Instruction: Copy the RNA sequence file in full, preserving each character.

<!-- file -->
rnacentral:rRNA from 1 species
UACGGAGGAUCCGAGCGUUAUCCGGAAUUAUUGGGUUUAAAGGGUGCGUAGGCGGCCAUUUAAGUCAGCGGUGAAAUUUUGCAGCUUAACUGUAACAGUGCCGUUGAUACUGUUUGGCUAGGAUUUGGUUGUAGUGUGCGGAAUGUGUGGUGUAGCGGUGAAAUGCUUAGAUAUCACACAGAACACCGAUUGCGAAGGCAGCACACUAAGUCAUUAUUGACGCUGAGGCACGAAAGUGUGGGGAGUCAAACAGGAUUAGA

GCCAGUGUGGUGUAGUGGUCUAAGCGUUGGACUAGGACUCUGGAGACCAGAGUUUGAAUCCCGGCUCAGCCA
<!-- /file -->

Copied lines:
rnacentral:rRNA from 1 species
UACGGAGGAUCCGAGCGUUAUCCGGAAUUAUUGGGUUUAAAGGGUGCGUAGGCGGCCAUUUAAGUCAGCGGUGAAAUUUUGCAGCUUAACUGUAACAGUGCCGUUGAUACUGUUUGGCUAGGAUUUGGUUGUAGUGUGCGGAAUGUGUGGUGUAGCGGUGAAAUGCUUAGAUAUCACACAGAACACCGAUUGCGAAGGCAGCACACUAAGUCAUUAUUGACGCUGAGGCACGAAAGUGUGGGGAGUCAAACAGGAUUAGA

GCCAGUGUGGUGUAGUGGUCUAAGCGUUGGACUAGGACUCUGGAGACCAGAGUUUGAAUCCCGGCUCAGCCA